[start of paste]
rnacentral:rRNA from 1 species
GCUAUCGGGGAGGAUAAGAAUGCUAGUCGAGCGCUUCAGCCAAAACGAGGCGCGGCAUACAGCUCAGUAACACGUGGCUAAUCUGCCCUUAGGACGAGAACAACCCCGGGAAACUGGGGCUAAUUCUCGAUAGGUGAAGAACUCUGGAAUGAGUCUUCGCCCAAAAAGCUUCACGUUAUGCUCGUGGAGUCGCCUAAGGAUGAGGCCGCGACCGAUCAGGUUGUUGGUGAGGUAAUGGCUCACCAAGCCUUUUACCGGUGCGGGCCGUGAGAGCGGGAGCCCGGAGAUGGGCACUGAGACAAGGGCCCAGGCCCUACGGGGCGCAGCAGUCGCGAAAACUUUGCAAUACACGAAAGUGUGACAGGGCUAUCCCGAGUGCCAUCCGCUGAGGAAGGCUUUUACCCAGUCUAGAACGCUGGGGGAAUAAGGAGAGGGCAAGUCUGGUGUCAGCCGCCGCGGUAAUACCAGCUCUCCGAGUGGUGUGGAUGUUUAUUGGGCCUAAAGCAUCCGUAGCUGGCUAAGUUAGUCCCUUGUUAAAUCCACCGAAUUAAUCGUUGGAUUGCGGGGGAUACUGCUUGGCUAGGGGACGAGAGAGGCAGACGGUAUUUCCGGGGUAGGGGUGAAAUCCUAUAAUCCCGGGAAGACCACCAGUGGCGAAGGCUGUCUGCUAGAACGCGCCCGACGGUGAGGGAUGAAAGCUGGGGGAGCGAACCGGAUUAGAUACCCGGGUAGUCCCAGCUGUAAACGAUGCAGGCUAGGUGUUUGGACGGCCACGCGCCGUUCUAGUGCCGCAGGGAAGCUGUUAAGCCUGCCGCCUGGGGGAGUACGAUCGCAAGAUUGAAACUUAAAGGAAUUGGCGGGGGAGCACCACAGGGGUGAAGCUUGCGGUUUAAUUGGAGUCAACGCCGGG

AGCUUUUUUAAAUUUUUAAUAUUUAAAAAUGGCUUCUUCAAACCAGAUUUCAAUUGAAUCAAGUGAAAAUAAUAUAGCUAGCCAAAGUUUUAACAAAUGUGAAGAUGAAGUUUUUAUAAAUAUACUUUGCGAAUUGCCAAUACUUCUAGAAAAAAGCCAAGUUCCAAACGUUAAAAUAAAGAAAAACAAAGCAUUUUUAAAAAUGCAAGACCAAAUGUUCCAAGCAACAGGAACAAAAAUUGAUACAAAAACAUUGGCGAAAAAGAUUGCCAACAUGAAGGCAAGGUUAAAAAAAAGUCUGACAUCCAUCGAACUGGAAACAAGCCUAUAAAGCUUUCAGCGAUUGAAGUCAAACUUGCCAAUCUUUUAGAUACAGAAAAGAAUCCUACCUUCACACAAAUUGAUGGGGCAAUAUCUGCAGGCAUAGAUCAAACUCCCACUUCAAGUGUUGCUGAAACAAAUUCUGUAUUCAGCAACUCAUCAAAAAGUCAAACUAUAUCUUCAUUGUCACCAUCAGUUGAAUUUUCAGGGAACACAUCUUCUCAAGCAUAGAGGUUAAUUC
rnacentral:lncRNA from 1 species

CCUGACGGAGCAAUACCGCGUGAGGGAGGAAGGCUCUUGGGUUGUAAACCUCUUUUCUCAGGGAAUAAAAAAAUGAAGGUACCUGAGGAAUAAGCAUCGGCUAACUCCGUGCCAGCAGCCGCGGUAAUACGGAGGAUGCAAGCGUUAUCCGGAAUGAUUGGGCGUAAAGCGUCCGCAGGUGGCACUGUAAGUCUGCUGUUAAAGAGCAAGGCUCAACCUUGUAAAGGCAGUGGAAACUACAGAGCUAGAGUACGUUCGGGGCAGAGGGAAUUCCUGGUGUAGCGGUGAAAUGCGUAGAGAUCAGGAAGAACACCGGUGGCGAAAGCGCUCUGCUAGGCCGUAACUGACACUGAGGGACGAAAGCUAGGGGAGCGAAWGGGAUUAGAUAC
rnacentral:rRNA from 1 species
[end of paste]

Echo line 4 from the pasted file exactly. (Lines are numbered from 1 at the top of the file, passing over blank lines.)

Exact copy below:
rnacentral:lncRNA from 1 species